Forney Junior Bull Rider Wins Back-to-Back Titles

How could you predict that Mason Spain would win the Tuff Hedeman Cripple Creek Junior Championship Challenge Steer Riding for the second time in front of a standing room only crowd in the Stockyards Coliseum on Saturday night in Fort Worth?

Over 150 trophy buckles, 20 something saddles, and the fact that his college fund is a reality, are all pretty good indicators.

“I was happy I won it last year and I was coming in this year just grateful I got the chance to compete, the pressure was off since I won it before and I was just wanting to have fun,” said thirteen year old Spain who thanked Tuff Hedeman and everyone at the Tuff Hedeman Championship Challenge CBR Bull Riding.

With guys like Sage Kimzey bucking just a few outs before Spain he was able to see his peers up close and personal and that was motivating.

“Sage Kimzey is my biggest inspiration because Sage’s got perfect form and he’s really good at what he does,” continued Spain who is from Forney, Texas.

Spain and his fellow competitors each left the arena with a custom Cripple Creek vest, a new Resistol cowboy hat, a Roughstock shirt from Panhandle Slim, and a pair of Cinch Jeans. As the event winner, Spain was presented with the champion’s custom engraved Juan Jose Muñoz Andrade trophy buckle and a pair of premium Lucchese boots.  The total purse for the Cripple Creek Junior Championship Challenge was over $2,000 with each rider receiving a check at the end of the competition.     

For over 20 years, Hedeman has been supporting the industry’s next generation by inviting them to compete in the spotlight as part of his annual event intermission entertainment.

They come from several states to compete and it is more than just a show. It is all business on the back of the chutes for these decorated young athletes who arrived hours early, checked their stock, and waited patiently watching their future laid out before their eyes.

“I was more nervous when it was sheep and calves, I know what I am doing now,” said the back-to-back champion last year after his first Fort Worth win.

As a 2004 article in the Journal of Physical Education, Recreation & Dance observes, because athletic success involves multiple factors, including genetics, mental attitude, access to training, and money, any attempt to predict future achievement based on how skilled your son or daughter is at age nine, ten or eleven "is likely to be futile." Each child follows her own unique developmental timetable.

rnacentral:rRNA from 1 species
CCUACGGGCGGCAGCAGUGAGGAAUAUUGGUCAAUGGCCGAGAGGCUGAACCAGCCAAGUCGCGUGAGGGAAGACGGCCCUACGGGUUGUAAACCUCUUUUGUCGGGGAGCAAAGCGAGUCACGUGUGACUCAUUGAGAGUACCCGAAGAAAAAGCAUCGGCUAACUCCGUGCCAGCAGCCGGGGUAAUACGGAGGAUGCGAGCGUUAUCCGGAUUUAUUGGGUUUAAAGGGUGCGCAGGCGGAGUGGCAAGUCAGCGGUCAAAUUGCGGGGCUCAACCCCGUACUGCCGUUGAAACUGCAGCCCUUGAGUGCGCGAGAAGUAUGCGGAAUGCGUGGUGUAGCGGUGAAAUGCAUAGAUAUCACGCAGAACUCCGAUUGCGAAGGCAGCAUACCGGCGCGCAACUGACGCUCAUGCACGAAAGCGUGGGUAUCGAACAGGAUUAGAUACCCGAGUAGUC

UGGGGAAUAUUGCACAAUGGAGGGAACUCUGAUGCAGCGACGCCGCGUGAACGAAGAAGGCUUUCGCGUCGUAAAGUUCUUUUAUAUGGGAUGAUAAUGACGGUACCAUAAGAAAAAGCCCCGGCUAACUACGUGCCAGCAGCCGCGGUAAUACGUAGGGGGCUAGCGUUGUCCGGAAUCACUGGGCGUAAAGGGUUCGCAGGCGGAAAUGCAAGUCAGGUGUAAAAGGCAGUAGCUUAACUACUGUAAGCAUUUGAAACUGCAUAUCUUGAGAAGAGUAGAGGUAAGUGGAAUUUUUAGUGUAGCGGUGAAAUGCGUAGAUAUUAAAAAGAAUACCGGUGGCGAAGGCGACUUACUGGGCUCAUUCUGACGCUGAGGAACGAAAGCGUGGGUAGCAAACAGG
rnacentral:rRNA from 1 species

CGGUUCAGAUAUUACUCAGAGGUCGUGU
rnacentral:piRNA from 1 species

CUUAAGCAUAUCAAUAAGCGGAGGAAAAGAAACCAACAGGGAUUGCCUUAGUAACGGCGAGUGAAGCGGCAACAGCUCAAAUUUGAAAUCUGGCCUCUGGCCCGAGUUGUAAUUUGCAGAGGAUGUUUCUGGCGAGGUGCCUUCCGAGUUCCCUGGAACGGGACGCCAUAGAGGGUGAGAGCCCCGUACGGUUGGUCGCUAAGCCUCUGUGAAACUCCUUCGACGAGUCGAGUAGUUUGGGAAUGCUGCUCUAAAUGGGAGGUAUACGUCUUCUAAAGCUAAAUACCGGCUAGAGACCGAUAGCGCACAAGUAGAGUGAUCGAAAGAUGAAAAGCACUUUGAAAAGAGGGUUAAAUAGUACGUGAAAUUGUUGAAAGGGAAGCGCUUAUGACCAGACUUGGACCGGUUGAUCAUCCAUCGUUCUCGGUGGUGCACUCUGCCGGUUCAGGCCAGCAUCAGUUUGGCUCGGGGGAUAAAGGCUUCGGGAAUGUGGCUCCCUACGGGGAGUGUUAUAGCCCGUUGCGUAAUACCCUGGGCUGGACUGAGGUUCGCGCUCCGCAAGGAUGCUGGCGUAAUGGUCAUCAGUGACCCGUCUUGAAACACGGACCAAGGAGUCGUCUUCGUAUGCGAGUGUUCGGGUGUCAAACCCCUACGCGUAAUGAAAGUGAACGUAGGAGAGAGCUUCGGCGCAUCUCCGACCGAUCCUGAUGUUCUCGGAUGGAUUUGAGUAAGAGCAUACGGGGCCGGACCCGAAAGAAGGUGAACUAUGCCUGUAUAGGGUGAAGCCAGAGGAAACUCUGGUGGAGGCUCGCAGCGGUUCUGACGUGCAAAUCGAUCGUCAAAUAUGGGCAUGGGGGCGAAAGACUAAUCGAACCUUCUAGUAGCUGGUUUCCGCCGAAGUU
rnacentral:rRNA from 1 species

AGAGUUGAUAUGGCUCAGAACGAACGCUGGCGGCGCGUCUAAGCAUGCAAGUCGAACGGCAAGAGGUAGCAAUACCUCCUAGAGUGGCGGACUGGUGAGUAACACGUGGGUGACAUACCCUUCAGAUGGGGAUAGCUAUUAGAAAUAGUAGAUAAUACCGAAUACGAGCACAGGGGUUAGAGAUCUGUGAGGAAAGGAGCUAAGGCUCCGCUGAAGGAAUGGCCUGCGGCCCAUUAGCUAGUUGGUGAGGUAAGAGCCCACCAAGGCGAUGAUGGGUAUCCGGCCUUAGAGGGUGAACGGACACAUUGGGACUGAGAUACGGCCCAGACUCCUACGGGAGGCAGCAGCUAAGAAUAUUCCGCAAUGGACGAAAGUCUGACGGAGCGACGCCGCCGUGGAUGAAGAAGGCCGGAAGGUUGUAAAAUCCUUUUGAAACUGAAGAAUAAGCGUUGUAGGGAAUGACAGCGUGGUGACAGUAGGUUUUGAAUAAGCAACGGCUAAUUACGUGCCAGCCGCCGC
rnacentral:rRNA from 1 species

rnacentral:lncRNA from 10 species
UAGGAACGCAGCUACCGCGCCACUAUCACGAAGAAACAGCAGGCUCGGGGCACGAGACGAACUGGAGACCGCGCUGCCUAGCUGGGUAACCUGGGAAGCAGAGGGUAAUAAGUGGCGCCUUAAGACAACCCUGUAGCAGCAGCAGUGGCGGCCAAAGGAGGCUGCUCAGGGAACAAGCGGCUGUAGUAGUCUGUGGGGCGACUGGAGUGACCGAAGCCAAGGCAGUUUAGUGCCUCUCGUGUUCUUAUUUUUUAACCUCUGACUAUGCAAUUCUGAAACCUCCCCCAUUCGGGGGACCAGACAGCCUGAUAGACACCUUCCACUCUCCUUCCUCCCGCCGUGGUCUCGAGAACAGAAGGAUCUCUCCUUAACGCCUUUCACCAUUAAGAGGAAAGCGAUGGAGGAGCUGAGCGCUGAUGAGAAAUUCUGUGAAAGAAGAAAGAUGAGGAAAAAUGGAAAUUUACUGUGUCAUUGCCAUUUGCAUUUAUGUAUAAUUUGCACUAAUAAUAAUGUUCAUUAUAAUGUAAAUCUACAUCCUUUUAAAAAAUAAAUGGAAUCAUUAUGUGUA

Gathered up with the professionals on the back of the chutes, six young cowboys bowed their heads during the prayer, crossed their hearts at the anthem, and mimicked the moves they would make riding animals nearly ten times their weight when it was their turn at the 24th Annual Tuff Hedeman Championship Challenge.

Riding bucking steers in front of a packed house of both fans and peers, they all agreed, “it’s pretty cool.”

Spain who has been featured on Chevy Hometown Kids, Kidz in Motion and Sports Dad was super cool in the hot seat, explaining his ride, jump for jump.

“I knew spectators would really enjoy” the youth bull riders, said Hedeman. “They are this country’s future to carry on the cowboy tradition. They’re excellent athletes who have earned the privilege of riding here. All kids can look up to them. It’s a great experience for the other kids too.”

Each year Hedeman taps the champions from the top youth bull riding organizations when issuing the special invitation to compete.

While the chance to ride does have its rewards, it is not without its challenges and consequences.

Texas Youth Bull Riders Inc. requires rodeo athletes to wear a mouthpiece, vest and helmet with a faceguard, making them look almost like hockey players in spurs and western wear.

The sport of bull riding is not without its price tags, including entry fees, travel, and unfortunately doctor’s bills occasionally. Money and college goals are part of the allure of bull riding for these children and their parents. Through 8 seconds of rough stock competition, a financial and educational future can be paved.

Curtis Spain, Mason’s father, said he hopes his son will get a college scholarship for bull riding, as he did.

Mason started with sheep and calves said the elder Spain. “He’s never been intimidated as they got bigger as he got bigger. Rodeoing is a motivating factor for the boys to do well in school, Curtis Spain said. If they don’t do well, they can’t compete.”

Spain’s wins include the Texas Youth Bull Riders, the Pro Youth Rodeo Association and Texas Christian Junior Bull Riders.

What is next for Mason Spain? He plans to come back to Fort Worth when he grows up and win the Fort Worth Tuff Hedeman Championship Challenge CBR Bull Riding title.